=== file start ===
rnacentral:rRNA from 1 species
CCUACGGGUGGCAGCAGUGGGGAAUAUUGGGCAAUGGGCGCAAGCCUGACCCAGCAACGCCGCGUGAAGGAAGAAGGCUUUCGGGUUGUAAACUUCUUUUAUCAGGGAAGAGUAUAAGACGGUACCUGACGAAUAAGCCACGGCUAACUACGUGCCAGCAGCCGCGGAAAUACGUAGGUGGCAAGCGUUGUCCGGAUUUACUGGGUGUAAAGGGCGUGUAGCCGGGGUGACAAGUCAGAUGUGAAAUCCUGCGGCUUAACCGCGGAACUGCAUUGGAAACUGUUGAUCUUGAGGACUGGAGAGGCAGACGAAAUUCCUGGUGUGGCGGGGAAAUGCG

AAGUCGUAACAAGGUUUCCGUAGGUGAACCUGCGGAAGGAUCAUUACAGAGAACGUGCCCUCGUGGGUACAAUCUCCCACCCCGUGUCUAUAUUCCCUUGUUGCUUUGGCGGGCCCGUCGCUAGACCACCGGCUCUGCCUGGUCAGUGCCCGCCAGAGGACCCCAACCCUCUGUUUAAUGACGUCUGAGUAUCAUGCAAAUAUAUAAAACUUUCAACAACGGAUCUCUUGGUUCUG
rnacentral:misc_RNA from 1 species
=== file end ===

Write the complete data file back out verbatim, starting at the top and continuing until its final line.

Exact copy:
rnacentral:rRNA from 1 species
CCUACGGGUGGCAGCAGUGGGGAAUAUUGGGCAAUGGGCGCAAGCCUGACCCAGCAACGCCGCGUGAAGGAAGAAGGCUUUCGGGUUGUAAACUUCUUUUAUCAGGGAAGAGUAUAAGACGGUACCUGACGAAUAAGCCACGGCUAACUACGUGCCAGCAGCCGCGGAAAUACGUAGGUGGCAAGCGUUGUCCGGAUUUACUGGGUGUAAAGGGCGUGUAGCCGGGGUGACAAGUCAGAUGUGAAAUCCUGCGGCUUAACCGCGGAACUGCAUUGGAAACUGUUGAUCUUGAGGACUGGAGAGGCAGACGAAAUUCCUGGUGUGGCGGGGAAAUGCG

AAGUCGUAACAAGGUUUCCGUAGGUGAACCUGCGGAAGGAUCAUUACAGAGAACGUGCCCUCGUGGGUACAAUCUCCCACCCCGUGUCUAUAUUCCCUUGUUGCUUUGGCGGGCCCGUCGCUAGACCACCGGCUCUGCCUGGUCAGUGCCCGCCAGAGGACCCCAACCCUCUGUUUAAUGACGUCUGAGUAUCAUGCAAAUAUAUAAAACUUUCAACAACGGAUCUCUUGGUUCUG
rnacentral:misc_RNA from 1 species